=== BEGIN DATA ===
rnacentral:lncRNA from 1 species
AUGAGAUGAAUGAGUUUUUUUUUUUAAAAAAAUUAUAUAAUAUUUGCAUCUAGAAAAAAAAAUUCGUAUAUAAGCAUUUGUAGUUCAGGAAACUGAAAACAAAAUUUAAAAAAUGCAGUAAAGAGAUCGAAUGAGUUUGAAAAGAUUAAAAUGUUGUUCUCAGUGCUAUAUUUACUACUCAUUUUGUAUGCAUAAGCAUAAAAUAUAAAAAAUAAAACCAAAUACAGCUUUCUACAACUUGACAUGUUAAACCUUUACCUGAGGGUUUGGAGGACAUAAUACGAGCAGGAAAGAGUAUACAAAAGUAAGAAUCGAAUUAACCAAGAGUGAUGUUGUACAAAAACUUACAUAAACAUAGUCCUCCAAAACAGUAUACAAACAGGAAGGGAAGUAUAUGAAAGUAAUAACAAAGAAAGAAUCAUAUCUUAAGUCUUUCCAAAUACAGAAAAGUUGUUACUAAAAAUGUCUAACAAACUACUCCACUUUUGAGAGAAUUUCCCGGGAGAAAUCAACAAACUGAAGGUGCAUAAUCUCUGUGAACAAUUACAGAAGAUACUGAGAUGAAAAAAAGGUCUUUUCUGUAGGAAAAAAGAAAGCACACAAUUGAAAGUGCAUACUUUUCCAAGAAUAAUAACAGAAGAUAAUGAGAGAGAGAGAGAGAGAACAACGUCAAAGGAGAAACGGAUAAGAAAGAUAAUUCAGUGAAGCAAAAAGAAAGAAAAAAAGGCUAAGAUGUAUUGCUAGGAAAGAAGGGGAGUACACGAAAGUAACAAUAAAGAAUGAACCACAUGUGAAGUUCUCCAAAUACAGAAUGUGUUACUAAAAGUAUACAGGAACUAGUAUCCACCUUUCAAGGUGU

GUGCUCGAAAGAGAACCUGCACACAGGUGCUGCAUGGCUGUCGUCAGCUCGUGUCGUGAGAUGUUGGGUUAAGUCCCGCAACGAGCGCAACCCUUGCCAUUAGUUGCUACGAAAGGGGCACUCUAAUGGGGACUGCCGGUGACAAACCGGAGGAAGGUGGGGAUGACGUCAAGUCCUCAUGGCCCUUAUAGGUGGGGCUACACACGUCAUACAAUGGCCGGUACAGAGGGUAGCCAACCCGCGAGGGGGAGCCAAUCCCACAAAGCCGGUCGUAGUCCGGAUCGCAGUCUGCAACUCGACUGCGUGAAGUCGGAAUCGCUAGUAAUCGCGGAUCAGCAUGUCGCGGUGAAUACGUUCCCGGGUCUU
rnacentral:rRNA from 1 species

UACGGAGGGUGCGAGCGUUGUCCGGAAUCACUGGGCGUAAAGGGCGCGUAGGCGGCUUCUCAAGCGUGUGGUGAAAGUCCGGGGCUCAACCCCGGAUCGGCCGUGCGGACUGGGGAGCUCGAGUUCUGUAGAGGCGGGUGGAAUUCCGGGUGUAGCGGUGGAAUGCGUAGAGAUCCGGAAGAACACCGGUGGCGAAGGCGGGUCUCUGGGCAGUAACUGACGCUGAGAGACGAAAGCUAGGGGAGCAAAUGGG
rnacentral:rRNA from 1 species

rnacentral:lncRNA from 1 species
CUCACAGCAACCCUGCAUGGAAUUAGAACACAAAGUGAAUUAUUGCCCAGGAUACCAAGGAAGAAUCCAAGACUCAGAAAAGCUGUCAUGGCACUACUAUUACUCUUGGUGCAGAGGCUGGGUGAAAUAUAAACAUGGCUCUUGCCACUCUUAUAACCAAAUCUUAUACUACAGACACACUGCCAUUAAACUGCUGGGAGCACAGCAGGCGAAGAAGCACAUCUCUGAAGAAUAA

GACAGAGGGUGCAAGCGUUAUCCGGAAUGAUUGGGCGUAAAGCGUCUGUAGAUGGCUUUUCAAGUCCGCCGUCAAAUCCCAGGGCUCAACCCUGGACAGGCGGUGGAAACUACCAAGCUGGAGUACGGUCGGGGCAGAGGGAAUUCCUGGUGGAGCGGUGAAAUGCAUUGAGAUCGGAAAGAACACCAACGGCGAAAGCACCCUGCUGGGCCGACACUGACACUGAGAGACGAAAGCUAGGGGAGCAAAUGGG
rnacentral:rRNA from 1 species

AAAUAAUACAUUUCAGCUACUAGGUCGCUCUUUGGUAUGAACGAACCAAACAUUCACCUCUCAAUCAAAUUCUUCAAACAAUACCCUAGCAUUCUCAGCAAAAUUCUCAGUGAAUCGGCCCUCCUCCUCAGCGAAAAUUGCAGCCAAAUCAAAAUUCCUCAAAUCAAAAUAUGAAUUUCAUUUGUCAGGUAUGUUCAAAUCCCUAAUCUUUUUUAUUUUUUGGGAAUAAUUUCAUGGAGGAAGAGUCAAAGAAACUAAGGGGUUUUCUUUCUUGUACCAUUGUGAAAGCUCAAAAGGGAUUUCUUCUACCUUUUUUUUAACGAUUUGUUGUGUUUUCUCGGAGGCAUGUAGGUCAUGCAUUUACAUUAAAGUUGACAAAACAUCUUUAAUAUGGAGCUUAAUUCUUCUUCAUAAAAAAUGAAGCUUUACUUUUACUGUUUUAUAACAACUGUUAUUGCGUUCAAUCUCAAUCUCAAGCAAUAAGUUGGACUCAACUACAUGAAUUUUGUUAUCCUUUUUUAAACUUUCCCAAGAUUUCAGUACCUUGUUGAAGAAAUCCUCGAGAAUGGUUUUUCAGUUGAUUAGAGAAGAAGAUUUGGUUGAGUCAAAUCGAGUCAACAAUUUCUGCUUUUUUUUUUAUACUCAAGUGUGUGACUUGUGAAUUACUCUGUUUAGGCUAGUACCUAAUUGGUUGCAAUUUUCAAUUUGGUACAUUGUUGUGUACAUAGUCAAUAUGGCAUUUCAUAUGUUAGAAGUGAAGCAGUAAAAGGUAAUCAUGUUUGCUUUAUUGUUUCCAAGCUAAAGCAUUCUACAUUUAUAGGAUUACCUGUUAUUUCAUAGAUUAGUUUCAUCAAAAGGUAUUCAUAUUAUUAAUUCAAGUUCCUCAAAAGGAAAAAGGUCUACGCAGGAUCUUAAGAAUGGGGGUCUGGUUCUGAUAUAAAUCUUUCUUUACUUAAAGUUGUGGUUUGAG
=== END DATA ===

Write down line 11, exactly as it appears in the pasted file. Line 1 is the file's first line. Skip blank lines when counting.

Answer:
AAAUAAUACAUUUCAGCUACUAGGUCGCUCUUUGGUAUGAACGAACCAAACAUUCACCUCUCAAUCAAAUUCUUCAAACAAUACCCUAGCAUUCUCAGCAAAAUUCUCAGUGAAUCGGCCCUCCUCCUCAGCGAAAAUUGCAGCCAAAUCAAAAUUCCUCAAAUCAAAAUAUGAAUUUCAUUUGUCAGGUAUGUUCAAAUCCCUAAUCUUUUUUAUUUUUUGGGAAUAAUUUCAUGGAGGAAGAGUCAAAGAAACUAAGGGGUUUUCUUUCUUGUACCAUUGUGAAAGCUCAAAAGGGAUUUCUUCUACCUUUUUUUUAACGAUUUGUUGUGUUUUCUCGGAGGCAUGUAGGUCAUGCAUUUACAUUAAAGUUGACAAAACAUCUUUAAUAUGGAGCUUAAUUCUUCUUCAUAAAAAAUGAAGCUUUACUUUUACUGUUUUAUAACAACUGUUAUUGCGUUCAAUCUCAAUCUCAAGCAAUAAGUUGGACUCAACUACAUGAAUUUUGUUAUCCUUUUUUAAACUUUCCCAAGAUUUCAGUACCUUGUUGAAGAAAUCCUCGAGAAUGGUUUUUCAGUUGAUUAGAGAAGAAGAUUUGGUUGAGUCAAAUCGAGUCAACAAUUUCUGCUUUUUUUUUUAUACUCAAGUGUGUGACUUGUGAAUUACUCUGUUUAGGCUAGUACCUAAUUGGUUGCAAUUUUCAAUUUGGUACAUUGUUGUGUACAUAGUCAAUAUGGCAUUUCAUAUGUUAGAAGUGAAGCAGUAAAAGGUAAUCAUGUUUGCUUUAUUGUUUCCAAGCUAAAGCAUUCUACAUUUAUAGGAUUACCUGUUAUUUCAUAGAUUAGUUUCAUCAAAAGGUAUUCAUAUUAUUAAUUCAAGUUCCUCAAAAGGAAAAAGGUCUACGCAGGAUCUUAAGAAUGGGGGUCUGGUUCUGAUAUAAAUCUUUCUUUACUUAAAGUUGUGGUUUGAG